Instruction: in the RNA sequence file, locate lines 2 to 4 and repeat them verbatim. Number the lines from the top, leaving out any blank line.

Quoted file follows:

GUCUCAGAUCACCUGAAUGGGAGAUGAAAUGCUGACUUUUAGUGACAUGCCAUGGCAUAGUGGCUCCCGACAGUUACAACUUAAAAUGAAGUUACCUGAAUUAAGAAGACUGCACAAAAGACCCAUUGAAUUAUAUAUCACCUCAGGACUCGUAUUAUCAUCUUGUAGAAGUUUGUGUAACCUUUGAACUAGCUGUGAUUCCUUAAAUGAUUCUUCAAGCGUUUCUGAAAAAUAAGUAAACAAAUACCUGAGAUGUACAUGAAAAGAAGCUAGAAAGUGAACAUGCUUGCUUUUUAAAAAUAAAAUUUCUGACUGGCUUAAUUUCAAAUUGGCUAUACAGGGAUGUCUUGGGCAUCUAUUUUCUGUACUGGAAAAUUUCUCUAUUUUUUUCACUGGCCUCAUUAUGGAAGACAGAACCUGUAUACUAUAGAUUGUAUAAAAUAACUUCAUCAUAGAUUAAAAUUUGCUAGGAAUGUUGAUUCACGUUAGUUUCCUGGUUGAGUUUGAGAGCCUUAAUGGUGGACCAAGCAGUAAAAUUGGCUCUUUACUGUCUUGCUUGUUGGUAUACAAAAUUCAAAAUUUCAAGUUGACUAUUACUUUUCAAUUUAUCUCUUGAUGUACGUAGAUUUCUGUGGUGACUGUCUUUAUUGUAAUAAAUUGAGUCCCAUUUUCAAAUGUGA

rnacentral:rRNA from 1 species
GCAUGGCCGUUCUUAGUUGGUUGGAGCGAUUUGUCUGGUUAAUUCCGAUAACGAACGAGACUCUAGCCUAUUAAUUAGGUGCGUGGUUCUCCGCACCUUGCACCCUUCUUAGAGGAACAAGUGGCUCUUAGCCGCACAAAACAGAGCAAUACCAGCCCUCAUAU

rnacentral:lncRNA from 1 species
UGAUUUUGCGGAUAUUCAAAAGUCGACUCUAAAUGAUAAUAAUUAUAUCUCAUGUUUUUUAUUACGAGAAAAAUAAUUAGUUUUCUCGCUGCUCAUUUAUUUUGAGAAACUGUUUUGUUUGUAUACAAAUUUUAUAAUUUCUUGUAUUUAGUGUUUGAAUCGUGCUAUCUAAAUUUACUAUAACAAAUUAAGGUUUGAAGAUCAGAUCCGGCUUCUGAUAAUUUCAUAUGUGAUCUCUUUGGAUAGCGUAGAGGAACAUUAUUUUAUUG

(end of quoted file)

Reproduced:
rnacentral:rRNA from 1 species
GCAUGGCCGUUCUUAGUUGGUUGGAGCGAUUUGUCUGGUUAAUUCCGAUAACGAACGAGACUCUAGCCUAUUAAUUAGGUGCGUGGUUCUCCGCACCUUGCACCCUUCUUAGAGGAACAAGUGGCUCUUAGCCGCACAAAACAGAGCAAUACCAGCCCUCAUAU

rnacentral:lncRNA from 1 species